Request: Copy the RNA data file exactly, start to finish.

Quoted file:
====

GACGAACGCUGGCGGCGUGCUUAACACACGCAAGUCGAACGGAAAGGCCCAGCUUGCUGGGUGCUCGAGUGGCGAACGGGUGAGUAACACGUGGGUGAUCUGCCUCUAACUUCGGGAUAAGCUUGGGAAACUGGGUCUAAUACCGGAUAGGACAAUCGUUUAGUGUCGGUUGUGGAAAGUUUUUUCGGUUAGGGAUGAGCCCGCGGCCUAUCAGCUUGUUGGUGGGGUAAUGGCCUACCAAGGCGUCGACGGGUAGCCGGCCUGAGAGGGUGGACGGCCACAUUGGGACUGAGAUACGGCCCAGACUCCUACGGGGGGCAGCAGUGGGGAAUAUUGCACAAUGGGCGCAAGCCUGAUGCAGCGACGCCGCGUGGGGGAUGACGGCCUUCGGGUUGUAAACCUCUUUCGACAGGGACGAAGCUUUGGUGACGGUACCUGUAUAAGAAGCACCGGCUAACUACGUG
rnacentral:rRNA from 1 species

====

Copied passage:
GACGAACGCUGGCGGCGUGCUUAACACACGCAAGUCGAACGGAAAGGCCCAGCUUGCUGGGUGCUCGAGUGGCGAACGGGUGAGUAACACGUGGGUGAUCUGCCUCUAACUUCGGGAUAAGCUUGGGAAACUGGGUCUAAUACCGGAUAGGACAAUCGUUUAGUGUCGGUUGUGGAAAGUUUUUUCGGUUAGGGAUGAGCCCGCGGCCUAUCAGCUUGUUGGUGGGGUAAUGGCCUACCAAGGCGUCGACGGGUAGCCGGCCUGAGAGGGUGGACGGCCACAUUGGGACUGAGAUACGGCCCAGACUCCUACGGGGGGCAGCAGUGGGGAAUAUUGCACAAUGGGCGCAAGCCUGAUGCAGCGACGCCGCGUGGGGGAUGACGGCCUUCGGGUUGUAAACCUCUUUCGACAGGGACGAAGCUUUGGUGACGGUACCUGUAUAAGAAGCACCGGCUAACUACGUG
rnacentral:rRNA from 1 species